First Time Buyers Require Extra Care

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First-time home buyers struggle to understand the mortgage process, and lenders with boots on the ground stand the biggest chance of winning over such prospects. Still, it is an online lender that continues to rate highest among all borrowers.

On a scale of one to a thousand, U.S. home lenders rated 786 this year. That was an improvement from 2013, when the collective rating was 771.

Six factors — loan offerings, application/approval process, interaction, closing, onboarding and problem resolution — were considered in the calculation of the score.

The findings were discussed in the J.D. Power 2014 U.S. Primary Mortgage Origination Satisfaction Study. Responses were collected from 3,893 recent borrowers who were surveyed from July through September.

The report indicated that nearly half of the 58 percent of survey respondents who were first-time buyers preferred to go to a lender’s local office to meet with a loan originator in person.

J.D. Power noted that with the share of first-time buyers at historical lows, lenders have an opportunity to provide the guidance and reassurance sought by such prospective borrowers.

Just 56 percent of experienced borrowers felt that their representative completely explained types of available loans, terms, special programs, fees and low down payment options. The share dropped to 41 percent for first-time buyers.

An adequate explanation of closing documents was not provided to more than a quarter of experienced borrowers, while 44 percent of first-time borrowers weren’t told enough.

Interaction with the loan originator is one of the most influential factors in establishing the customer experience, according to Craig Martin, who is the director of the mortgage practice at J.D. Power.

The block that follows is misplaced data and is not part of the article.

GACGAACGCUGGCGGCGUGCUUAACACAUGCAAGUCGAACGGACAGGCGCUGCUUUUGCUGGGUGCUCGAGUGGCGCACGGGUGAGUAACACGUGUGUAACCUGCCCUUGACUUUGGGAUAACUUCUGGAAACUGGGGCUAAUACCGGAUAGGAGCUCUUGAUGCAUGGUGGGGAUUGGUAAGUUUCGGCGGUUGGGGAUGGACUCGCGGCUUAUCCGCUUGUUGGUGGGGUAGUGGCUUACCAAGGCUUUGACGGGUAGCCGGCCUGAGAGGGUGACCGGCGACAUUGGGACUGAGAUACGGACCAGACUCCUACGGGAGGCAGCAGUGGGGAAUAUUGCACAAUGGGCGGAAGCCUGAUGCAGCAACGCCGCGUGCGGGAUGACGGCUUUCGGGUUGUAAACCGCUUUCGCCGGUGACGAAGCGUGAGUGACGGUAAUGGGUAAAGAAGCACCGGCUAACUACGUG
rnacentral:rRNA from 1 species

“From describing what will happen during the process in terms a customer can understand to explaining the benefits of different options, the loan representative sets the tone of the experience,” Martin said in the report. “A potential challenge with first-time homebuyers is that they may be afraid to appear uninformed, so they won’t admit when they are confused or don’t understand something.

“For a lender to truly stand out, their staff must foster relationships that promote open and honest communication.”

Quicken Loans Inc. maintained it No. 1 ranking among all lenders with a score of 835, not quite as good as the 841 score in the 2013 report.

It was the fifth consecutive year that Quicken has topped the list.

Quicken’s standing seems at odds with J.D. Power’s finding that a majority of first-time buyers prefer an in-office visit given that Quicken originators operate from central offices and not locally.

Detroit-based Quicken scored well in all categories.

No. 2 Bank of America had a score of 807, a huge improvement from 734 a year earlier when it didn’t even rank among the top 10.

After that was a score of 805 at Chase, U.S. Bank’s 802 score and 795 at BB&T.

Mortgage Expert

Mortgage Daily Staff



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